Business Natural

Welcome to Business Natural: the collective image of the contemporary Black woman. Powerful & professional, donning her natural hair. This photography & research project was originally executed as an SMU Engaged Learning Fellowship, meant to capture & convey the Black natural hair experience in Corporate America & Academia.
What started as photoshoots and interviews, turned into a one-of-a-kind natural hair exhibition at the Cox School of Business. Both these images, and extended quotes from each woman involved, were displayed for a year in the central Cox School of Business building.

The real-life version of this virtual exhibit is currently displayed in Southern Methodist University’s Diversity & Inclusion Office.

All photos are by talented Annania Tadesse.

Naomi Samuel

3c, Business Natural Director, Marketing & English, SMU ‘19
“I remember sitting in the front row of a business school class, the only black woman there, feeling like my scalp was totally exposed for everyone to see. It took a kind of vulnerability from me that I’d never had the confidence to show before. But after I did that, I knew I could take it further.”

Lydia Samuel

3b, Pre-Nursing Student, Baylor ‘23
“…Overcoming the fear of being different, and inspiring others like me to do the same, has made me feel free. My curls form a crown, in my mind. One that I wear with pride, shrinkage, tangles, and all. The world needs to realize that black women are not pretty in spite of their blackness. We are beautiful because of it.”

Tori Gillum

4a, MBA Candidate, SMU ‘20
“As a black woman in a professional and academic world that is largely occupied by white people, I consistently feel like the black sheep. Yes, my hair automatically causes me to stand out, but accompanied with my hair, is a different way of life, a different thought process all together. And I feel that difference every day.”

India Simmons

3c, Human Rights & Political Science & International Studies, SMU ‘20
“As a black woman in academia, a space largely occupied by white people, I find myself constantly anxious of my personal and professional worth and value. Even though I’m 21, I still struggle to remember that I am just as valuable, just as intelligent, and just as capable as my white peers and instructors. I constantly have to push myself outside of my comfort zone, speak up, and demand that my self-worth and dignity be recognized by those who would otherwise not recognize it.”

N’dea Fleming

4b, Financial Consulting, SMU ’19, Accounting Masters Student, SMU ‘20
“On my first day of an internship at a Big 4, I was panicked because I didn’t know how well received wearing natural hair would be…I wrestled in the weeks prior with the idea of straightening it even though I’ve never straightened my natural hair. I will never forget when a partner walked on stage to speak to us at training and it was a black woman with a lovely natural bun! Seeing someone at such a high level embracing her authentic self put me in the mindset that no one could tell me anything about wearing my hair the way it naturally grows.”

The 2019 release of
was launched at an exhibition at Southern Methodist University in Dallas, Texas.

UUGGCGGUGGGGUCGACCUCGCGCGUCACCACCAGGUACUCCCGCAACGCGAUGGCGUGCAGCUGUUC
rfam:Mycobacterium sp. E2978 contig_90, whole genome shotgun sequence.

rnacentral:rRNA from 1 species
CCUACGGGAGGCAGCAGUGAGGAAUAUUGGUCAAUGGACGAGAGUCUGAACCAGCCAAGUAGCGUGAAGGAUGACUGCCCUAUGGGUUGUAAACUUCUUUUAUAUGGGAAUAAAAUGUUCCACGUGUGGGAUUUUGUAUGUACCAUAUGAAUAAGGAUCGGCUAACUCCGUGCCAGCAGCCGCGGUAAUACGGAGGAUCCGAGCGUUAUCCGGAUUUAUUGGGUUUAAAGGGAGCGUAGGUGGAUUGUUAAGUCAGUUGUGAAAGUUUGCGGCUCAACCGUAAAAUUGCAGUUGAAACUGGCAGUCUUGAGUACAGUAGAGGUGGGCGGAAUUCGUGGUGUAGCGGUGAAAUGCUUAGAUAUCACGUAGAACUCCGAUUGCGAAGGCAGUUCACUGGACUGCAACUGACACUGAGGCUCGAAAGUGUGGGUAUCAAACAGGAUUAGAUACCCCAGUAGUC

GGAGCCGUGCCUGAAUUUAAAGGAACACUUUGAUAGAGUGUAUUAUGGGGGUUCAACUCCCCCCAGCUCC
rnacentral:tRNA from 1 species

The photos were sold to benefit the Black Alumni of SMU scholarhsip.

That evening, the idea of professionalism was not just challenged, but expanded.

Here’s to better understanding the black hair experience in Academia & Corporate America.

Kennedy Woodard

4a/4b, Mechanical Engineering & Mathematics, SMU ‘20
“Being a black woman in professional and academic worlds that are largely occupied by white people (especially in engineering), sometimes makes me feel like I am constantly teaching others about who I am…It forces me to be confident in myself, because I am in these spaces despite all of the forces working against me. Therefore, accomplishing something feels like 10 accomplishments in one.”

Nia Kamau

4b, Human Rights & International Studies, SMU ‘22
“My favorite moments about my natural hair journey will always be the ones where I’m doing hair with my mother and sisters. Sometimes we’ll spend hours braiding or twisting each other’s hair. I love how these experiences connect us. We always have our most serious and heartfelt conversations as we serve and love on each other by taking time to make one another feel beautiful. Doing a loved one’s hair has been a bonding experience for black women for generations and I love seeing that legacy passed on with my family.”

Myca Williamson

3c/4a, MBA Candidate, SMU ‘20
“…I realized the higher up I got in life, the less people looked like me. So now, as a 25-year-old MBA student reflecting on my journey thus far, I realize that rifts and misunderstandings happen over time. Some don’t understand enough about black people because they have not rubbed shoulders, shared enough meals, or had real conversations with black people to know and love and accept our culture, which includes our hair.”

Lezly Murphy

4a/b, SMU Naturals Co-Founder, Electrical Engineering, SMU ‘19
“What makes it challenging is the way that people look at me and the way people study my hair. Sometimes, when your hair is different from those around you, people focus on those differences, and it can feel pretty isolating. I have learned to view other people’s looks and curiosity as a teachable moment, and to have enough pride and confidence within myself to not care.”

Ashley Isles

4c, Software Developer at AT&T, SMU ‘17
“Sometimes I feel invisible and other times I feel like I have a spotlight on me, following my every move. I work as a developer at a tech company so the number of black women in my department is alarmingly small. It’s easy for me to want to disappear, but there’s this nagging sense of responsibility to make myself seen and known—to show everyone that I am what a software developer looks like.”

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